Kepler Observations of Starspot Evolution, Differential Rotation, and Flares on Late-Type Stars
2011 (English)In: American Astronomical Society Meeting Abstracts #218, 2011Conference paper (Refereed)
The Kepler satellite is providing spectacular optical photometric light-curves of unprecedented precision and duration that routinely allow detailed studies of stellar magnetic activity on late-type stars that were difficult, if not impossible, to attempt previously. Rotational modulation due to starspots is commonly seen in the Kepler light-curves of late-type stars, allowing detailed study of the surface distribution of their photospheric magnetic activity. Kepler is providing multi-year duration light-curves that allow us to investigate how activity phenomena – such as the growth, migration, and decay of starspots, differential rotation, activity cycles, and flaring – operate on single and binary stars with a wide range of mass and convection zone depth. We present the first results from detailed starspot modeling using newly-developed light-curve inversion codes for a range of GALEX-selected stars with typical rotation periods of a few days, that we have observed as part of our 200 target Kepler Cycle 1/2 Guest Observer programs. The physical properties of the stars have been measured using high resolution optical spectroscopy, which allows the Kepler results to be placed within the existing framework of knowledge regarding stellar magnetic activity. These results demonstrate the powerful diagnostic capability provided by tracking starspot evolution essentially continuously for more than 16 months. The starspots are clearly sampling the stellar rotation rate at different latitudes, enabling us to measure the differential rotation and starspot lifetimes. As would be expected, stars with few day rotation show frequent flaring that is easily seen as ”white-light” flares in Kepler light-curves. We compare the observed flare rates and occurrence with the starspot properties. This work contains results obtained using the NASA Kepler satellite and from the Apache Point Observatory, the MMT (using NOAO community access time), and the Hobby-Eberly Telescope. Funding is provided by NASA Kepler grants NNX10AC51G and NNX11AC79G.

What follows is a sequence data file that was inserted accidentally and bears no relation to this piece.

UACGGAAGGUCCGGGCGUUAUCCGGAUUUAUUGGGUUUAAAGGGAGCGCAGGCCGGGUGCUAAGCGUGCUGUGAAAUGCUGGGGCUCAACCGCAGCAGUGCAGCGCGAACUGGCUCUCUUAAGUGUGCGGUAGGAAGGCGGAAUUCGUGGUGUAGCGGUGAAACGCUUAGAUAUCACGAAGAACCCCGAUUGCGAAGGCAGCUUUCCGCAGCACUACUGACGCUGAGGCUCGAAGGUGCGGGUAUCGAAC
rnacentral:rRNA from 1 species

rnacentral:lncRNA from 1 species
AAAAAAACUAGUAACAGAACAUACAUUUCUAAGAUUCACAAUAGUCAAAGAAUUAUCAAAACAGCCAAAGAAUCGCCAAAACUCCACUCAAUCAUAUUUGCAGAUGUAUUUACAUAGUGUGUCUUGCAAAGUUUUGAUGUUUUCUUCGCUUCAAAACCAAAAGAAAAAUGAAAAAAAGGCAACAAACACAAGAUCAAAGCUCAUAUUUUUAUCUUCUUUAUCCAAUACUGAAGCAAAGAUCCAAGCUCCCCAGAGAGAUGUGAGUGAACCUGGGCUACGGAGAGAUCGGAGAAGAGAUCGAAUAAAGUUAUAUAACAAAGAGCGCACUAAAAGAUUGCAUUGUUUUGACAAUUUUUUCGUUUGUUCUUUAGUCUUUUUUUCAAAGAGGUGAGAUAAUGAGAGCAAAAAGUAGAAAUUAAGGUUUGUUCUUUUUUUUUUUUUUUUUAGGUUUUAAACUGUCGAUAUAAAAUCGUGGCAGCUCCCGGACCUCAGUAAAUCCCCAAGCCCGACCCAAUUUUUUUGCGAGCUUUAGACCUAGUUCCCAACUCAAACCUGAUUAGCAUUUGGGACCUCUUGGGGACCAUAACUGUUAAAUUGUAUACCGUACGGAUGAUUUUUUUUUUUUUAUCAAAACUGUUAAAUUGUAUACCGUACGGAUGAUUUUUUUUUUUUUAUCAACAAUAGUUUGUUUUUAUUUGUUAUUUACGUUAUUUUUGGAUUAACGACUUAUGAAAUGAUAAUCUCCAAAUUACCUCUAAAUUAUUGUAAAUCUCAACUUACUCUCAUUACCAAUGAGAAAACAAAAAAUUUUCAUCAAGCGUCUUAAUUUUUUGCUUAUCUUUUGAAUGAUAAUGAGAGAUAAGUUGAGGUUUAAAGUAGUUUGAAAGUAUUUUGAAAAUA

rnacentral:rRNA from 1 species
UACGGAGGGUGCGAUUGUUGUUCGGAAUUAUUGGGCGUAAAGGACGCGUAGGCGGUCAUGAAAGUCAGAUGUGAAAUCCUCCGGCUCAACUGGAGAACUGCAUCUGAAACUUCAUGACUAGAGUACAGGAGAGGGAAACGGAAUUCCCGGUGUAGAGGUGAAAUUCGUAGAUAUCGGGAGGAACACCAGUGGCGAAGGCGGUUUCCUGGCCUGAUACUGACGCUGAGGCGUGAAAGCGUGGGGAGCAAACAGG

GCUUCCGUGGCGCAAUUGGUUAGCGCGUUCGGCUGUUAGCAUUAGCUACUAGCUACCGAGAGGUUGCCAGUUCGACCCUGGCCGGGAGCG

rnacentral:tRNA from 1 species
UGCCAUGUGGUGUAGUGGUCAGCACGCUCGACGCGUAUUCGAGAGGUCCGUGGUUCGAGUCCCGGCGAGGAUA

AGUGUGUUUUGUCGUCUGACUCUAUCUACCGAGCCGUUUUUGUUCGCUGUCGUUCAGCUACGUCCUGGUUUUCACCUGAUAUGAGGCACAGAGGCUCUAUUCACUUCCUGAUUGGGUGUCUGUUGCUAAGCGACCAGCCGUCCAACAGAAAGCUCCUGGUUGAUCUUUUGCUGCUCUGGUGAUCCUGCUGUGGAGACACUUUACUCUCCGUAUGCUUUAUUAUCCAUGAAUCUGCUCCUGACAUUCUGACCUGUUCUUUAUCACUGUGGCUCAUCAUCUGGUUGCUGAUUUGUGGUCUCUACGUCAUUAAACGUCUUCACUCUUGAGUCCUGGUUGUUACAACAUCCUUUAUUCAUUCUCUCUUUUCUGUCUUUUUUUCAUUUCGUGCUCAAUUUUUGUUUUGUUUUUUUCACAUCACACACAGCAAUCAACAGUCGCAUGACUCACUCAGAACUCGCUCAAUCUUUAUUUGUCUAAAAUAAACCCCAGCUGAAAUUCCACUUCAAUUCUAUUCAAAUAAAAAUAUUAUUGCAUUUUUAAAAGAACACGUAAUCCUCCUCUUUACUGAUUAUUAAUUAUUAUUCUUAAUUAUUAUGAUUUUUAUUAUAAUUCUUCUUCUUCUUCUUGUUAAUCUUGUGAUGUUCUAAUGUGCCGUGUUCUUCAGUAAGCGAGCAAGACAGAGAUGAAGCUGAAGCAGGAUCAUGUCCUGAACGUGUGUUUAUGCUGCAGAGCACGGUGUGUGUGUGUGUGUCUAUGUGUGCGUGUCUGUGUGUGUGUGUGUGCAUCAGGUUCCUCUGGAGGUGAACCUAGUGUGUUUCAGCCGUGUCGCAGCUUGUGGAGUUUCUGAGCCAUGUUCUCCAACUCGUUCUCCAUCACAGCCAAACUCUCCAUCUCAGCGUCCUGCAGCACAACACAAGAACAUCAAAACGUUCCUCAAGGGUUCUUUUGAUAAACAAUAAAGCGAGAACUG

Place, publisher, year, edition, pages
Astronomy, Astrophysics and Cosmology
IdentifiersURN: urn:nbn:se:uu:diva-170198OAI: oai:DiVA.org:uu-170198DiVA: diva2:508561
American Astronomical Society Meeting, 218, 22-26 May 2011, Boston, Massachusetts